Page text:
Immunofluorescence was examined and documented with a Zeiss Axiophot microscope (Carl Zeiss MicroImaging, Jena, Germany). Images were captured using a SensiCam CCD camera (PCO Computer Optics, Kelheim, Germany), adjusted for contrast in AxioVision LE Rel. 4.3 (Carl Zeiss MicroImaging, Jena, Germany) and arranged in PowerPoint (Microsoft) or Adobe Photoshop (Adobe Systems, San Jose, CA, USA).
Cell counting was conducted as previously described (Widmayer et al., 2012). Briefly, random sampling fields of longitudinally cutted sections through the proximal corpus and antral compartment were selected above the lamina muscularis (GPR43, ghrelin, gastrin) or in the upper mucosal half (GPR120, TRPM5) where the respective immunopositive cells resided. To determine the number of cells, microscopic digital images of four to five consecutive sections were acquired by defining sampling fields of 320 × 260 μm. Cell counting was performed in a blind manner, and the average cell counts of immunopositive cells per field were determined. Immunoreactive cells were only counted when the nuclei were clearly visible by DAPI staining.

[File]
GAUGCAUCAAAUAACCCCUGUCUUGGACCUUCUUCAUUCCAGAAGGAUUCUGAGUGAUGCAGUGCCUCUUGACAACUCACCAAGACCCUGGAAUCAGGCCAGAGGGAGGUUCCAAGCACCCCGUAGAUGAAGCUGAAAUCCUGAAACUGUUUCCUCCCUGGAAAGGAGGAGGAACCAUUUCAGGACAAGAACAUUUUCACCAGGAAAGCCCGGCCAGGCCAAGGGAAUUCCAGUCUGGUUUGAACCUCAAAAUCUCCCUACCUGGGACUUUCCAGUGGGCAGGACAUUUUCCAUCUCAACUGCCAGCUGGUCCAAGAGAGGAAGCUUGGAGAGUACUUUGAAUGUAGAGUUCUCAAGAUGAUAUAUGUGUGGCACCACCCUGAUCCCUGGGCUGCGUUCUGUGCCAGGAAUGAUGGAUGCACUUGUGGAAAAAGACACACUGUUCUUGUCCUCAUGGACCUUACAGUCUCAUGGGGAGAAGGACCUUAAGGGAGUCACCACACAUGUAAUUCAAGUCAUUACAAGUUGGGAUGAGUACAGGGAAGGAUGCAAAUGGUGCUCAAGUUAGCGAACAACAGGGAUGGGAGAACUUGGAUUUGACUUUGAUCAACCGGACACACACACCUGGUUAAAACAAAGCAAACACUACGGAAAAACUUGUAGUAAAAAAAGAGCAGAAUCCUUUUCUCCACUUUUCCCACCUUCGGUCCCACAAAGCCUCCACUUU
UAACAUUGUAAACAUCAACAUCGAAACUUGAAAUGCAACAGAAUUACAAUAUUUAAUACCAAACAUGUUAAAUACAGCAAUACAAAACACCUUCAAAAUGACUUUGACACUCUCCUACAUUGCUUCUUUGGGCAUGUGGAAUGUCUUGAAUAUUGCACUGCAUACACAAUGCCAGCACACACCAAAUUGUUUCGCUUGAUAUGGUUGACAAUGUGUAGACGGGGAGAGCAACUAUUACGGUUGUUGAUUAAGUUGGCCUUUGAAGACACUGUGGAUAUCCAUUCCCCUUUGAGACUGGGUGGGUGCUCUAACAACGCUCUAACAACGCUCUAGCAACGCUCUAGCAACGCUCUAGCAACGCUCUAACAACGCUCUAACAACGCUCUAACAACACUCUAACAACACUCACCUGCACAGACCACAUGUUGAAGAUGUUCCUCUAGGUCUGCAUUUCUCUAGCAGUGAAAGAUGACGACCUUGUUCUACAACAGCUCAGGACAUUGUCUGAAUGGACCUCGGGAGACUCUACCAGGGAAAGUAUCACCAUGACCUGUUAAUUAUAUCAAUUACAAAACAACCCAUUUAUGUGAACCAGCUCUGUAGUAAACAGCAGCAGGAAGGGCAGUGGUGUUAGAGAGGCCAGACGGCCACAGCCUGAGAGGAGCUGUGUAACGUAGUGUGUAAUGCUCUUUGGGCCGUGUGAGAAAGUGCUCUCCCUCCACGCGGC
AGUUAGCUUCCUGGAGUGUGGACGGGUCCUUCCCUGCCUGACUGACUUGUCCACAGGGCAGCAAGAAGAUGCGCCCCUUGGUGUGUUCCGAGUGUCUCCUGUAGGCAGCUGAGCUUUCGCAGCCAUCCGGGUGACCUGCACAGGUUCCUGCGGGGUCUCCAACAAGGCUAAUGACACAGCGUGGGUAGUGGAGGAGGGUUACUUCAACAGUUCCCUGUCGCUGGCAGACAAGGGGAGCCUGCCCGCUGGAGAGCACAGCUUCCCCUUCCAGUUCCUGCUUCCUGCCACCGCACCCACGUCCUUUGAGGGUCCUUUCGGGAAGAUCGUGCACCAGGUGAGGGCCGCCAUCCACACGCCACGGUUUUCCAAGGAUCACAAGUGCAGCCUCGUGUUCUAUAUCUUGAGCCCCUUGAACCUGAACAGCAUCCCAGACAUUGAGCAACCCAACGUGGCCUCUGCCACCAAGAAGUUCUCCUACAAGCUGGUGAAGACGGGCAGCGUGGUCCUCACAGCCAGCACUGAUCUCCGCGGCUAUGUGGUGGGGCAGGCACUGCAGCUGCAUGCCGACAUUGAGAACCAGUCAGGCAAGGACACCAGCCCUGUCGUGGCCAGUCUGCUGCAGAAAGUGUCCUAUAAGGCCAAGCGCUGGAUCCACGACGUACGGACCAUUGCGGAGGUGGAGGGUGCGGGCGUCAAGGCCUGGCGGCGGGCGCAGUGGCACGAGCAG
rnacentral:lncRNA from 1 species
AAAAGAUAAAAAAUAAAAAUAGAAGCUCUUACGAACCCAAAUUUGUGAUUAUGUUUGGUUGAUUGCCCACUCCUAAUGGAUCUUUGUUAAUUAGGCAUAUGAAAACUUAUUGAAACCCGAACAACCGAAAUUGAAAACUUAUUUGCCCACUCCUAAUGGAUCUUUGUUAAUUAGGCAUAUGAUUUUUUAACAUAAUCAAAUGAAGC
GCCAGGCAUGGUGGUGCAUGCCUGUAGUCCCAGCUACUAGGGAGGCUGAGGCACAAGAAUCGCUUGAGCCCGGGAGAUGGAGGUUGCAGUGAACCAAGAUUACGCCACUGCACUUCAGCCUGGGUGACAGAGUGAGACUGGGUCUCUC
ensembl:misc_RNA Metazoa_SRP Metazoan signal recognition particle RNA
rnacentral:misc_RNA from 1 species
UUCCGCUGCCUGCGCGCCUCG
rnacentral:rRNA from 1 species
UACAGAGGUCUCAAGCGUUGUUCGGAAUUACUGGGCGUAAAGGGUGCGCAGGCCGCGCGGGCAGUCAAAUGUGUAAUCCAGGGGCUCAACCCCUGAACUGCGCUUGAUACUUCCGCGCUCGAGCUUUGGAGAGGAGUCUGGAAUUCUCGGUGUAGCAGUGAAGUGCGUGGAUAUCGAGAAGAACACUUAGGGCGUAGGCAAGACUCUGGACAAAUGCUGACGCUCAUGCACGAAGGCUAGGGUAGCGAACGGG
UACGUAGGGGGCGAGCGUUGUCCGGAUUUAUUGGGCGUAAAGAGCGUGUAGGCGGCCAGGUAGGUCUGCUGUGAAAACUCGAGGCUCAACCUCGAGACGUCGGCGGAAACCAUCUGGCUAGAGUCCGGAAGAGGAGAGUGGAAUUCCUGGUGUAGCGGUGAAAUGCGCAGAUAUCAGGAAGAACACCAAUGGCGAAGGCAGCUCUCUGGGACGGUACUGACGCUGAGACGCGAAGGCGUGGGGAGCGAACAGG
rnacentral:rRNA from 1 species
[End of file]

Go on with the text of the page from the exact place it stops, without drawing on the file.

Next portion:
For the quantification of relative changes in mRNA expression levels, data (in triplicate) were expressed as mean fold differences ± S.D. compared with that of controls, with values = 1 representing the baseline level corresponding to no relative difference in expression levels. The formula used to calculate the n-fold difference of mRNA expression levels of target genes relative to that of reference genes was as follows: ratio = (Etarget)ΔCt target (control−sample) : (Eref)ΔCt ref (control−sample). For determination of cell numbers, values were given as mean ± S.D. for the quantification of four to five consecutive sections. Significant differences between the groups were analyzed by the unpaired t-test with GraphPad Prism (Graphpad Software, www.graphpad.com). Statistical significance was set at P < 0.05.